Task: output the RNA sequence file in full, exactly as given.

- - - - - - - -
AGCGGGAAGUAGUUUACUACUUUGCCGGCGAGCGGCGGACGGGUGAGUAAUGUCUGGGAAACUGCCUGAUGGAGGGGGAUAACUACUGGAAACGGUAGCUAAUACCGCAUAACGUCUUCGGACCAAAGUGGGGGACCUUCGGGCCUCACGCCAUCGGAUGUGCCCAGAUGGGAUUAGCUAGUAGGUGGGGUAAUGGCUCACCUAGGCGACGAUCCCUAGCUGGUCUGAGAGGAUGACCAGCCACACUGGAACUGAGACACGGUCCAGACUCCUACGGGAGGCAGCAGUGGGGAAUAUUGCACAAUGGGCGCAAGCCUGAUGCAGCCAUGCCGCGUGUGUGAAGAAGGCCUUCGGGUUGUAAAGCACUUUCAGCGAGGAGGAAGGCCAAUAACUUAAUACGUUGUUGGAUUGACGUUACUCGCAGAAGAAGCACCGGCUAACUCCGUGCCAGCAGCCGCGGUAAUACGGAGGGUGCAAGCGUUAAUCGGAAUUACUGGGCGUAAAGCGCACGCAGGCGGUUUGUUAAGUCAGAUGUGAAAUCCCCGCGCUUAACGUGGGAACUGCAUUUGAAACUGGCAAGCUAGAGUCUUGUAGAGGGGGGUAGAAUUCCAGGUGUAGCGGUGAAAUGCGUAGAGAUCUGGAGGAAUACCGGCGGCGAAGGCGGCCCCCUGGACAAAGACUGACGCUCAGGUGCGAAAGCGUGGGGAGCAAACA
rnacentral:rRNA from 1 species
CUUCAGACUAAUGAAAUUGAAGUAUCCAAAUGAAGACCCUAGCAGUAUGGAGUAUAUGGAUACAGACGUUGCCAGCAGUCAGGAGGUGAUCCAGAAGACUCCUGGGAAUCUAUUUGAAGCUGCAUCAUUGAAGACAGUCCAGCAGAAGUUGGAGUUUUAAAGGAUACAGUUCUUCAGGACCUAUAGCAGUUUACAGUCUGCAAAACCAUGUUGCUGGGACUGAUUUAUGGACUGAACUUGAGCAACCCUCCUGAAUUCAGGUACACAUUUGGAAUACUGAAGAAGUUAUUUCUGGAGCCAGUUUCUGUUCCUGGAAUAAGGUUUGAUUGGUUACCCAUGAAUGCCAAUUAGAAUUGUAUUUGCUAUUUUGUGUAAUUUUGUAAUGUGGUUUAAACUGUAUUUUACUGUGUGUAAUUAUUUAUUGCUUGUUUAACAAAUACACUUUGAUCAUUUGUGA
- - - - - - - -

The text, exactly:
AGCGGGAAGUAGUUUACUACUUUGCCGGCGAGCGGCGGACGGGUGAGUAAUGUCUGGGAAACUGCCUGAUGGAGGGGGAUAACUACUGGAAACGGUAGCUAAUACCGCAUAACGUCUUCGGACCAAAGUGGGGGACCUUCGGGCCUCACGCCAUCGGAUGUGCCCAGAUGGGAUUAGCUAGUAGGUGGGGUAAUGGCUCACCUAGGCGACGAUCCCUAGCUGGUCUGAGAGGAUGACCAGCCACACUGGAACUGAGACACGGUCCAGACUCCUACGGGAGGCAGCAGUGGGGAAUAUUGCACAAUGGGCGCAAGCCUGAUGCAGCCAUGCCGCGUGUGUGAAGAAGGCCUUCGGGUUGUAAAGCACUUUCAGCGAGGAGGAAGGCCAAUAACUUAAUACGUUGUUGGAUUGACGUUACUCGCAGAAGAAGCACCGGCUAACUCCGUGCCAGCAGCCGCGGUAAUACGGAGGGUGCAAGCGUUAAUCGGAAUUACUGGGCGUAAAGCGCACGCAGGCGGUUUGUUAAGUCAGAUGUGAAAUCCCCGCGCUUAACGUGGGAACUGCAUUUGAAACUGGCAAGCUAGAGUCUUGUAGAGGGGGGUAGAAUUCCAGGUGUAGCGGUGAAAUGCGUAGAGAUCUGGAGGAAUACCGGCGGCGAAGGCGGCCCCCUGGACAAAGACUGACGCUCAGGUGCGAAAGCGUGGGGAGCAAACA
rnacentral:rRNA from 1 species
CUUCAGACUAAUGAAAUUGAAGUAUCCAAAUGAAGACCCUAGCAGUAUGGAGUAUAUGGAUACAGACGUUGCCAGCAGUCAGGAGGUGAUCCAGAAGACUCCUGGGAAUCUAUUUGAAGCUGCAUCAUUGAAGACAGUCCAGCAGAAGUUGGAGUUUUAAAGGAUACAGUUCUUCAGGACCUAUAGCAGUUUACAGUCUGCAAAACCAUGUUGCUGGGACUGAUUUAUGGACUGAACUUGAGCAACCCUCCUGAAUUCAGGUACACAUUUGGAAUACUGAAGAAGUUAUUUCUGGAGCCAGUUUCUGUUCCUGGAAUAAGGUUUGAUUGGUUACCCAUGAAUGCCAAUUAGAAUUGUAUUUGCUAUUUUGUGUAAUUUUGUAAUGUGGUUUAAACUGUAUUUUACUGUGUGUAAUUAUUUAUUGCUUGUUUAACAAAUACACUUUGAUCAUUUGUGA